Last Chance Harvey Joel Hopkins

Last Chance Harvey Joel Hopkins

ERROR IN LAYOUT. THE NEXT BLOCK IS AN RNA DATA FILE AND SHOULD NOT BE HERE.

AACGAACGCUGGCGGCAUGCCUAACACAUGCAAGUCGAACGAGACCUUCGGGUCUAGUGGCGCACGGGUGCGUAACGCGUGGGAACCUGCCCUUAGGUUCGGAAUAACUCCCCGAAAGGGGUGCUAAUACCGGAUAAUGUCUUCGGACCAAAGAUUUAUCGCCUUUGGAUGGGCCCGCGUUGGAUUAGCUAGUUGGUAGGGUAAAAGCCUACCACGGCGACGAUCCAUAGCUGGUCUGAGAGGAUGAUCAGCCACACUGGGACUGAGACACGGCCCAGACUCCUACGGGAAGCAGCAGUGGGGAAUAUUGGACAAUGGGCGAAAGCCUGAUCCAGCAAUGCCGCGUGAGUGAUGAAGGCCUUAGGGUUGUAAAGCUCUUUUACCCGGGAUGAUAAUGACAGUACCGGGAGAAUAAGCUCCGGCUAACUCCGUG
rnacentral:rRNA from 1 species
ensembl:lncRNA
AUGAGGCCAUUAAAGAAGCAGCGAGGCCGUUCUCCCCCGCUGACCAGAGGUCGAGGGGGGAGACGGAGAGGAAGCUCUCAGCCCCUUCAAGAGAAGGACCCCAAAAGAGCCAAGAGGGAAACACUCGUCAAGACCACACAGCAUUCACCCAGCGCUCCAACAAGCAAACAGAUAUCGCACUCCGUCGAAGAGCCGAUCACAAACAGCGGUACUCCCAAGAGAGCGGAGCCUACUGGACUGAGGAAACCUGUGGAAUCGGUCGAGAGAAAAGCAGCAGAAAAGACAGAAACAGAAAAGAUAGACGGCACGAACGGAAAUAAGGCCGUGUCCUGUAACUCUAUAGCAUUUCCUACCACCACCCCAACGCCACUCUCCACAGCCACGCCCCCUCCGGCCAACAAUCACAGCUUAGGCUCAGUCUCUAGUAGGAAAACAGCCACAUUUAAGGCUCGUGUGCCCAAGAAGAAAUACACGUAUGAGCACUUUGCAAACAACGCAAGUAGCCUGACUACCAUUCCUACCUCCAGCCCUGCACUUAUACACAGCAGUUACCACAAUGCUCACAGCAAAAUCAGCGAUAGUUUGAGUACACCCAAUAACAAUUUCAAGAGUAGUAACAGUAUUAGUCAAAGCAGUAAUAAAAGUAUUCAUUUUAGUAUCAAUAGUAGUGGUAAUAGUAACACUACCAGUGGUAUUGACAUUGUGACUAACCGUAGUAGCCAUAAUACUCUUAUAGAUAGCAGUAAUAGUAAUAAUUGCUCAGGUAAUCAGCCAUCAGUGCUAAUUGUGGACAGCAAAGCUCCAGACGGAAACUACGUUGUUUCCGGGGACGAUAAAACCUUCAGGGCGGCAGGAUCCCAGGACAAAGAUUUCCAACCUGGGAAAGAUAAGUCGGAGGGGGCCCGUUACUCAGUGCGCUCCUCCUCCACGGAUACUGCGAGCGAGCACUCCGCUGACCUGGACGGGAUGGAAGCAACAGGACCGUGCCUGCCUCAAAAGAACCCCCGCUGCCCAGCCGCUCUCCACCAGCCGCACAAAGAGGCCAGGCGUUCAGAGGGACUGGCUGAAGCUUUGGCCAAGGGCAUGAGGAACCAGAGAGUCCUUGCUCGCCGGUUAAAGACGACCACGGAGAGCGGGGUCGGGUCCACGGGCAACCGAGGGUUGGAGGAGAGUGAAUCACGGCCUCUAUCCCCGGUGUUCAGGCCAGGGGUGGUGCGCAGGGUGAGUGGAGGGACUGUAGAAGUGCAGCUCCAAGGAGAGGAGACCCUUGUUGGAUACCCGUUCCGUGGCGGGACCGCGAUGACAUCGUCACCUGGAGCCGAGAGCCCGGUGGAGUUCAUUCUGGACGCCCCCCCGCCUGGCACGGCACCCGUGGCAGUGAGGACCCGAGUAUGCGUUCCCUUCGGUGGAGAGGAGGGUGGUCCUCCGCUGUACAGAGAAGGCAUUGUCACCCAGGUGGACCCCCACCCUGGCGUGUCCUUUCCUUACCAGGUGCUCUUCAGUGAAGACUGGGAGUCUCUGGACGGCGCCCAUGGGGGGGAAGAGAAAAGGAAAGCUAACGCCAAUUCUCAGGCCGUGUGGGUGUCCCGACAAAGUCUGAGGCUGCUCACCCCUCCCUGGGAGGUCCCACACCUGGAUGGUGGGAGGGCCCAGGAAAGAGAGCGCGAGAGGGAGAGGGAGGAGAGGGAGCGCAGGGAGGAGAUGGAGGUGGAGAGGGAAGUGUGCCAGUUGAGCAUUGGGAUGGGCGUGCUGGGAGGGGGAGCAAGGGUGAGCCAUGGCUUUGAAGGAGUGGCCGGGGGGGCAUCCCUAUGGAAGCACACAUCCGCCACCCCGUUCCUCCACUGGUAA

The back of the DVD informs you that Last Chance Harvey is the recipient of the Heartland Truly Moving Picture Award. Previous winners include Flicka and I Am Sam, and unfortunately, despite the stellar cast Last Chance Harvey deserves its place beside these dubious heart warmers. This lone sappy stamp of approval sets the tone for what's to come. Harvey Shine (Dustin Hoffman) is a lonely, work-obsessed commercial composer whose outdated classical scores are being replaced with more modern music (a pointedly obvious metaphor for Harvey's life). He travels to England to attend his daughter's wedding, only to watch her be given away by her stepfather, who she informs him, has been a bigger part of her life. Meanwhile, Kate (Emma Thompson) is trapped in her day-to-day existence, going through the motions of a thankless job taking surveys at Heathrow and venturing out on the occasional mediocre blind date. She spends her free hours guzzling chardonnay and reading trashy novels, which comes across as a cheap attempt at creating a quirky character. When Harvey loses his job and misses his flight back to L.A., he meets Kate in the airport bar and they strike up an adorably quarrelsome conversation. This may be Harvey and Kate's last chance to reverse their life patterns, as well as fall in love. With such a strong cast, including not only heavyweights Hoffman and Thompson but Eileen Atkins as Kate's paranoid mother and Kathy Baker as Harvey's ex-wife, one would think Last Chance Harvey would be a recipe for success. However, the downfall is that there's not much plot to speak of and the characters are too dull to hold your interest past five minutes. There is nothing stopping Harvey and Kate from getting what they want except their shortcomings, which makes them less than likable. Harvey is egocentric and antisocial; Kate is apathetic and boring. Not exactly a winning combination. In the only pithy special feature, the "making of" documentary "An Unconventional Feature," Thompson explains that writer/director Joel Hopkins wrote the parts for the actors based on their real life personalities. And it makes perfect sense. Although both are masters of embodying a character, Hoffman and Thompson don't have the most dynamic personalities, making their characters bland in a script where the only plot is their relationship. There is some interesting chatter about how Hoffman and Thompson applied their different processes to the film, which actors will no doubt find interesting. Accompanying the doc is a commentary with the writer and actors, and the U.S. trailer. (Alliance)